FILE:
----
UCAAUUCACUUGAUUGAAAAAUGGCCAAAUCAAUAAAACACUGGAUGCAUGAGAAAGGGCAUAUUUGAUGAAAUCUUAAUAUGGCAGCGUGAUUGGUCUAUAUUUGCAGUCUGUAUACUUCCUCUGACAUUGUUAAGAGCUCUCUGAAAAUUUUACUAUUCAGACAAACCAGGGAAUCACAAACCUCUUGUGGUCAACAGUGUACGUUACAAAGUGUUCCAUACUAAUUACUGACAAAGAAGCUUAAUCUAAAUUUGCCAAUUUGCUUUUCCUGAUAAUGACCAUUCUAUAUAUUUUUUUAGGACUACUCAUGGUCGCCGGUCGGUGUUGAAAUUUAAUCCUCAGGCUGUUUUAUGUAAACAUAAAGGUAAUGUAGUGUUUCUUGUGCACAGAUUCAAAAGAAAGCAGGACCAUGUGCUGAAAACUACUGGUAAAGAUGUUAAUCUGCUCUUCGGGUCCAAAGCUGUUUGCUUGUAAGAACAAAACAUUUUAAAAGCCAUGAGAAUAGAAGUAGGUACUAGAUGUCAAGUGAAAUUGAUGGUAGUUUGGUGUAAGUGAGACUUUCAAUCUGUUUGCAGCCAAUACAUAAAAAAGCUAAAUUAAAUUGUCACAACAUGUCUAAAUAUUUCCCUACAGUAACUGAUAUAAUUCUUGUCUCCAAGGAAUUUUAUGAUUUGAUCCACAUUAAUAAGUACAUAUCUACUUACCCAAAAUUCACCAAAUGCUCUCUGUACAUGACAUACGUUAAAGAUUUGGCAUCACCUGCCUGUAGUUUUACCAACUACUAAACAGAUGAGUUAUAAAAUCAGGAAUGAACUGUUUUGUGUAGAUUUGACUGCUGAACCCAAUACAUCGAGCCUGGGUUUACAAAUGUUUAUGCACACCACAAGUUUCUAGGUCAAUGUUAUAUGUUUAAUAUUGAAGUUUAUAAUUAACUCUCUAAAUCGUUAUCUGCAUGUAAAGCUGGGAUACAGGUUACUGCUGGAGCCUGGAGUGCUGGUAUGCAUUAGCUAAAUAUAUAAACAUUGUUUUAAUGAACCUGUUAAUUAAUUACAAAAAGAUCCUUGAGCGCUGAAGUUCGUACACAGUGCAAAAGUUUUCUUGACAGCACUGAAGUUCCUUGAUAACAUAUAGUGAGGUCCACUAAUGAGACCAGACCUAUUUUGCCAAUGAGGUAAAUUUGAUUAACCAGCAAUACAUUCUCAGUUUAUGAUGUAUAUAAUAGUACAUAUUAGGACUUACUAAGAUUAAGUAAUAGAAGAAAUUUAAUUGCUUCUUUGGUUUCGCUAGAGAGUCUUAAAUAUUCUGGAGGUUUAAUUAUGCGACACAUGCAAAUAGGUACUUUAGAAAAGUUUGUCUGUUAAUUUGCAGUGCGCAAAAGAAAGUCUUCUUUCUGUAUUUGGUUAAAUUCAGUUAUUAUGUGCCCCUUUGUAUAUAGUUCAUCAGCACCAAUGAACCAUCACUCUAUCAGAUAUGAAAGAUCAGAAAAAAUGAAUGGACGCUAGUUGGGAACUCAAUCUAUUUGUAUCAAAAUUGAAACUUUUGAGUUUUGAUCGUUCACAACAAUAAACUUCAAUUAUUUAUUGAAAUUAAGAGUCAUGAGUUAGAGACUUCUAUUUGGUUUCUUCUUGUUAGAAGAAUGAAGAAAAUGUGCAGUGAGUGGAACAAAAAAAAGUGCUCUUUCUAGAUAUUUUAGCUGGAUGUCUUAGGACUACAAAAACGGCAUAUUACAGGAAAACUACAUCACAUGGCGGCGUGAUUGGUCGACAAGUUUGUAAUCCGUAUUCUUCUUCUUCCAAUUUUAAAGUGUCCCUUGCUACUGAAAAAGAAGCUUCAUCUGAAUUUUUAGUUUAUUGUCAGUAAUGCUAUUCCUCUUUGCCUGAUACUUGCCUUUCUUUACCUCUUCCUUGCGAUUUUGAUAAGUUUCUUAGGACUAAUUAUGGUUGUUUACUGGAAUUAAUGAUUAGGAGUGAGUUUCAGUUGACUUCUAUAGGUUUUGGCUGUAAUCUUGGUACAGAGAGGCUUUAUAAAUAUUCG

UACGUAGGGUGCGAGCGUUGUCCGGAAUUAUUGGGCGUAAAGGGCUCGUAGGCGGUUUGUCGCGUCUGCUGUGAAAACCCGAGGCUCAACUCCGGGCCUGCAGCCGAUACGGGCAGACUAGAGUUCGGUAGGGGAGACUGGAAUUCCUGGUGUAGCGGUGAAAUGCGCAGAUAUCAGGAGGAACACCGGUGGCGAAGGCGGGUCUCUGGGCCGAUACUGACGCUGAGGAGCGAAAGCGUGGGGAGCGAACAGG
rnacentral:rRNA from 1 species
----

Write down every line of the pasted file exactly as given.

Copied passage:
UCAAUUCACUUGAUUGAAAAAUGGCCAAAUCAAUAAAACACUGGAUGCAUGAGAAAGGGCAUAUUUGAUGAAAUCUUAAUAUGGCAGCGUGAUUGGUCUAUAUUUGCAGUCUGUAUACUUCCUCUGACAUUGUUAAGAGCUCUCUGAAAAUUUUACUAUUCAGACAAACCAGGGAAUCACAAACCUCUUGUGGUCAACAGUGUACGUUACAAAGUGUUCCAUACUAAUUACUGACAAAGAAGCUUAAUCUAAAUUUGCCAAUUUGCUUUUCCUGAUAAUGACCAUUCUAUAUAUUUUUUUAGGACUACUCAUGGUCGCCGGUCGGUGUUGAAAUUUAAUCCUCAGGCUGUUUUAUGUAAACAUAAAGGUAAUGUAGUGUUUCUUGUGCACAGAUUCAAAAGAAAGCAGGACCAUGUGCUGAAAACUACUGGUAAAGAUGUUAAUCUGCUCUUCGGGUCCAAAGCUGUUUGCUUGUAAGAACAAAACAUUUUAAAAGCCAUGAGAAUAGAAGUAGGUACUAGAUGUCAAGUGAAAUUGAUGGUAGUUUGGUGUAAGUGAGACUUUCAAUCUGUUUGCAGCCAAUACAUAAAAAAGCUAAAUUAAAUUGUCACAACAUGUCUAAAUAUUUCCCUACAGUAACUGAUAUAAUUCUUGUCUCCAAGGAAUUUUAUGAUUUGAUCCACAUUAAUAAGUACAUAUCUACUUACCCAAAAUUCACCAAAUGCUCUCUGUACAUGACAUACGUUAAAGAUUUGGCAUCACCUGCCUGUAGUUUUACCAACUACUAAACAGAUGAGUUAUAAAAUCAGGAAUGAACUGUUUUGUGUAGAUUUGACUGCUGAACCCAAUACAUCGAGCCUGGGUUUACAAAUGUUUAUGCACACCACAAGUUUCUAGGUCAAUGUUAUAUGUUUAAUAUUGAAGUUUAUAAUUAACUCUCUAAAUCGUUAUCUGCAUGUAAAGCUGGGAUACAGGUUACUGCUGGAGCCUGGAGUGCUGGUAUGCAUUAGCUAAAUAUAUAAACAUUGUUUUAAUGAACCUGUUAAUUAAUUACAAAAAGAUCCUUGAGCGCUGAAGUUCGUACACAGUGCAAAAGUUUUCUUGACAGCACUGAAGUUCCUUGAUAACAUAUAGUGAGGUCCACUAAUGAGACCAGACCUAUUUUGCCAAUGAGGUAAAUUUGAUUAACCAGCAAUACAUUCUCAGUUUAUGAUGUAUAUAAUAGUACAUAUUAGGACUUACUAAGAUUAAGUAAUAGAAGAAAUUUAAUUGCUUCUUUGGUUUCGCUAGAGAGUCUUAAAUAUUCUGGAGGUUUAAUUAUGCGACACAUGCAAAUAGGUACUUUAGAAAAGUUUGUCUGUUAAUUUGCAGUGCGCAAAAGAAAGUCUUCUUUCUGUAUUUGGUUAAAUUCAGUUAUUAUGUGCCCCUUUGUAUAUAGUUCAUCAGCACCAAUGAACCAUCACUCUAUCAGAUAUGAAAGAUCAGAAAAAAUGAAUGGACGCUAGUUGGGAACUCAAUCUAUUUGUAUCAAAAUUGAAACUUUUGAGUUUUGAUCGUUCACAACAAUAAACUUCAAUUAUUUAUUGAAAUUAAGAGUCAUGAGUUAGAGACUUCUAUUUGGUUUCUUCUUGUUAGAAGAAUGAAGAAAAUGUGCAGUGAGUGGAACAAAAAAAAGUGCUCUUUCUAGAUAUUUUAGCUGGAUGUCUUAGGACUACAAAAACGGCAUAUUACAGGAAAACUACAUCACAUGGCGGCGUGAUUGGUCGACAAGUUUGUAAUCCGUAUUCUUCUUCUUCCAAUUUUAAAGUGUCCCUUGCUACUGAAAAAGAAGCUUCAUCUGAAUUUUUAGUUUAUUGUCAGUAAUGCUAUUCCUCUUUGCCUGAUACUUGCCUUUCUUUACCUCUUCCUUGCGAUUUUGAUAAGUUUCUUAGGACUAAUUAUGGUUGUUUACUGGAAUUAAUGAUUAGGAGUGAGUUUCAGUUGACUUCUAUAGGUUUUGGCUGUAAUCUUGGUACAGAGAGGCUUUAUAAAUAUUCG

UACGUAGGGUGCGAGCGUUGUCCGGAAUUAUUGGGCGUAAAGGGCUCGUAGGCGGUUUGUCGCGUCUGCUGUGAAAACCCGAGGCUCAACUCCGGGCCUGCAGCCGAUACGGGCAGACUAGAGUUCGGUAGGGGAGACUGGAAUUCCUGGUGUAGCGGUGAAAUGCGCAGAUAUCAGGAGGAACACCGGUGGCGAAGGCGGGUCUCUGGGCCGAUACUGACGCUGAGGAGCGAAAGCGUGGGGAGCGAACAGG
rnacentral:rRNA from 1 species